Paris and London: 1937-1948, Vol. 2 Box set, Best of
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Paris and London 1937-1948 is every bit as essential and fascinating for lovers of jazz guitar as JSP's first inexpensive Django box, Django Reinhardt Vol.1. Between 1937 and 1948, the world's best-known gypsy guitarist was leading some of the hottest jazz groups in Europe, with some of the most innovative arrangements imaginable. The story behind these sessions is almost as memorable as the material--somehow Reinhardt, despite being a gypsy, prospered through Nazi-occupied France while his peers either fled or perished. Due to the war, the classic line-up of the Quintet of the Hot Club of France evolved and eventually splintered into two groups--one with Stephane Grappelli on violin, another replacing him with the clarinettist Hubert Rostaing. But regardless of Reinhardt's accompaniment, the music-making heard here is nothing short of astounding. Whether swinging through standards such as "All of Me", "I Can't Give You Anything But Love" and "Sweet Georgia Brown" or performing some of his classic originals (such as "Nuages" and "Swing 42"), whether alone ("Improvisations" and "Tea for Two") or backed by more than a dozen friends ("Festival Swing"), this is some of Reinhardt's best music. JSP's remastering and transfers on these 60-year-old 78s is the finest yet available. Essential for swing fans, guitarists and anyone wanting to know more about the history of jazz. --Jason Verlinde
Top Customer Reviews
My first real introduction to Django was vol. 1 from JSP, which at 5 CDs was an overwhelming but wonderful experience. Vol 2 is slightly shorter ("only" 4 CDs) but covers more ground, both in time span and variety of music. The war-time recordings that take up the middle portion of the set use all sorts of additional instruments (harmonica!), and some show a much stronger European classical music influence. Quite a few of these tracks have a suprisingly moody, atmospheric feel. Others sound more like American swing bands (Rostaing on clarinet invites Benny Goodman comparisons).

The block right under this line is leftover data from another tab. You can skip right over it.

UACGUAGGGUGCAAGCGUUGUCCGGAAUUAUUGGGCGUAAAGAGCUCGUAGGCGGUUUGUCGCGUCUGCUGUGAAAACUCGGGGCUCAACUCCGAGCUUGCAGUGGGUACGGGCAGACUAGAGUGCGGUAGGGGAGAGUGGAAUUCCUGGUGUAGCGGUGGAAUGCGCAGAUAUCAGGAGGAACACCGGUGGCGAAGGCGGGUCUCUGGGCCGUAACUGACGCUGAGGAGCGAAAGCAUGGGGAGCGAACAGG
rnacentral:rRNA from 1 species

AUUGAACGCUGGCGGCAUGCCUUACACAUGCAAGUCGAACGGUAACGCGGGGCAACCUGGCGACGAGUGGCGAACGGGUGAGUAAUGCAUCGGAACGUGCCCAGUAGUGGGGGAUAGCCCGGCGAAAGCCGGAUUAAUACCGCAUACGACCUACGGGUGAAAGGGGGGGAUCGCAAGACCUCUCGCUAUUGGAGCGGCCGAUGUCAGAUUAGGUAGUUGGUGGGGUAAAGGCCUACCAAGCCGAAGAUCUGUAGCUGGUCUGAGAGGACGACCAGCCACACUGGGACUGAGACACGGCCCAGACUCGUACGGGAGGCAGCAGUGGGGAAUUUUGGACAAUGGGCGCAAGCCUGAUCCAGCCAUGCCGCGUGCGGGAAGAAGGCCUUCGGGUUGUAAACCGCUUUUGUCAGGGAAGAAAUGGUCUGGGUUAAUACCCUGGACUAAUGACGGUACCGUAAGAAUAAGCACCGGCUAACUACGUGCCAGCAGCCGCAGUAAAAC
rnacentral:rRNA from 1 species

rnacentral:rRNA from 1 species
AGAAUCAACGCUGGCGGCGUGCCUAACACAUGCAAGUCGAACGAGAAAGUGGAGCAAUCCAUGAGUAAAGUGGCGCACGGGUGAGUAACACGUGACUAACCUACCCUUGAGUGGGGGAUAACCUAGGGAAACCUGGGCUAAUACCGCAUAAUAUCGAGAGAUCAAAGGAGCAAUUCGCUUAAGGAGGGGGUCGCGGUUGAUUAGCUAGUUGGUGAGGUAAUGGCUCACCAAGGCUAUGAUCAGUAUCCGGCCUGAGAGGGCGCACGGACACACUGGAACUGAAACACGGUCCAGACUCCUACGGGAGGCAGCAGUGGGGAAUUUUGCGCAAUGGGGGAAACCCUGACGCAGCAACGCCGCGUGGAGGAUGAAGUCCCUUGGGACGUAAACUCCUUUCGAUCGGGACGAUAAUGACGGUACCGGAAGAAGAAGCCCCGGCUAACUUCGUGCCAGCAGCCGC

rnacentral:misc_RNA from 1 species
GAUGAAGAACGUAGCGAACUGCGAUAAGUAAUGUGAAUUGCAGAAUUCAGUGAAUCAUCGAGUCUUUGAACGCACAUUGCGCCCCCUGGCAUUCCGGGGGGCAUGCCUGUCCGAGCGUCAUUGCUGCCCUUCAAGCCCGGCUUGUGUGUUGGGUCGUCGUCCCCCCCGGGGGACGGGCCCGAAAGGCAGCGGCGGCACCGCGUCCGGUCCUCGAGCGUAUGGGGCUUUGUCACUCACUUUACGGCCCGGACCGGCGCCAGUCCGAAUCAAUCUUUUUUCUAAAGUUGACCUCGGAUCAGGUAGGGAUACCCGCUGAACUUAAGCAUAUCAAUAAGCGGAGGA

However, it is still the tracks with small string-based bands, especially with Grapelli's violin, that really throw off sparks. The first disc, in particular, is simply unbelievable, and it took me some time to move on to the subsequent discs - I just kept playing disc 1! This is the Quintet at its peak, exceeding my wildest expectations.
So, as interesting and enjoyable as the war-time tracks are, they tend to dilute the intensity and quality of the package, at least a little. I'd therefore recommend vol. 1 as more essential, and the place to start.
Packaging notes: True to JSP budget-priced form (quality sound being more important than pretty pictures), the packaging is skimpy, with all essential documentation (personnel, dates, etc.) and some limited commentary, and that's it. While the design is more professional looking than the rather amateurish graphics of volume 1, I miss Ted Kendall's chatty, personable liner notes.
But I do have to comment on the sound quality. One of the remarkable things about the first installment of this set (the 5 CD box) is its sound. Engineer Ted Kendall did a sterling job of collecting the best quality sources and then cutting as little as possible from the output to give us the music. By contrast, this set is far less impressive. There is much less depth to the bass and the high end has been truncated a bit too in the interest of getting rid of surface noise.
It is because of the sound that I give this set three stars (and really would give it three and one-half if there was that option).
There is more swing, more fun, and more incredible guitar playing on these discs than you'll ever hear anywhere else.
Even though they contain no lengthy linear notes, 'free booklets,' posters, etc., these are, without a doubt, the greatest multi-disc box sets I have ever heard.